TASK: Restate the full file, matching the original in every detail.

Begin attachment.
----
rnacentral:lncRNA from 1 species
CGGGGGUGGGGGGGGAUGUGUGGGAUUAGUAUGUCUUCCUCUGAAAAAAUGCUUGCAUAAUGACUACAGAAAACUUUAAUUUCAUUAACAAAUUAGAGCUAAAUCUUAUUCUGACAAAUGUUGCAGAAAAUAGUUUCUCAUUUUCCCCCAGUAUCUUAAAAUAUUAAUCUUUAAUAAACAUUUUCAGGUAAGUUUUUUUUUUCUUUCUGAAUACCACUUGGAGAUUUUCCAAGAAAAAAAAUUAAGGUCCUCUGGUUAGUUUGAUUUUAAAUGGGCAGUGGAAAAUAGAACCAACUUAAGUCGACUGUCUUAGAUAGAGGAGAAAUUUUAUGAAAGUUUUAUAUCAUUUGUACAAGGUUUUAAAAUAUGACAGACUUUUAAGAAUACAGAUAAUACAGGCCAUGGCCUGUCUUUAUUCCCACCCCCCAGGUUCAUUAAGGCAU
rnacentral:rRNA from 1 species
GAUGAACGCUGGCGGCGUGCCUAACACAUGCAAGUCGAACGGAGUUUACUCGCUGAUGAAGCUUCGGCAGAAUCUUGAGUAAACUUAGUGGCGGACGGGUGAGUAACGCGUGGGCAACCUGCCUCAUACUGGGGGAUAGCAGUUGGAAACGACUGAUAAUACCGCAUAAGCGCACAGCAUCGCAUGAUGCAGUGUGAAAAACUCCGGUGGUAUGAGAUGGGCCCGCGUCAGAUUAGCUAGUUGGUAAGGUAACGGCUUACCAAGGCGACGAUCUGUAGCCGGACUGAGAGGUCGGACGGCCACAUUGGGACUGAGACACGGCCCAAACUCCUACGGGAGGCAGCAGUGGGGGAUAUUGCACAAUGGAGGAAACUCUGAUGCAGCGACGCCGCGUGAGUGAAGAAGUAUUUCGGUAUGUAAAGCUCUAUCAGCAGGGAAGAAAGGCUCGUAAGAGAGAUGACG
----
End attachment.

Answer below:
rnacentral:lncRNA from 1 species
CGGGGGUGGGGGGGGAUGUGUGGGAUUAGUAUGUCUUCCUCUGAAAAAAUGCUUGCAUAAUGACUACAGAAAACUUUAAUUUCAUUAACAAAUUAGAGCUAAAUCUUAUUCUGACAAAUGUUGCAGAAAAUAGUUUCUCAUUUUCCCCCAGUAUCUUAAAAUAUUAAUCUUUAAUAAACAUUUUCAGGUAAGUUUUUUUUUUCUUUCUGAAUACCACUUGGAGAUUUUCCAAGAAAAAAAAUUAAGGUCCUCUGGUUAGUUUGAUUUUAAAUGGGCAGUGGAAAAUAGAACCAACUUAAGUCGACUGUCUUAGAUAGAGGAGAAAUUUUAUGAAAGUUUUAUAUCAUUUGUACAAGGUUUUAAAAUAUGACAGACUUUUAAGAAUACAGAUAAUACAGGCCAUGGCCUGUCUUUAUUCCCACCCCCCAGGUUCAUUAAGGCAU
rnacentral:rRNA from 1 species
GAUGAACGCUGGCGGCGUGCCUAACACAUGCAAGUCGAACGGAGUUUACUCGCUGAUGAAGCUUCGGCAGAAUCUUGAGUAAACUUAGUGGCGGACGGGUGAGUAACGCGUGGGCAACCUGCCUCAUACUGGGGGAUAGCAGUUGGAAACGACUGAUAAUACCGCAUAAGCGCACAGCAUCGCAUGAUGCAGUGUGAAAAACUCCGGUGGUAUGAGAUGGGCCCGCGUCAGAUUAGCUAGUUGGUAAGGUAACGGCUUACCAAGGCGACGAUCUGUAGCCGGACUGAGAGGUCGGACGGCCACAUUGGGACUGAGACACGGCCCAAACUCCUACGGGAGGCAGCAGUGGGGGAUAUUGCACAAUGGAGGAAACUCUGAUGCAGCGACGCCGCGUGAGUGAAGAAGUAUUUCGGUAUGUAAAGCUCUAUCAGCAGGGAAGAAAGGCUCGUAAGAGAGAUGACG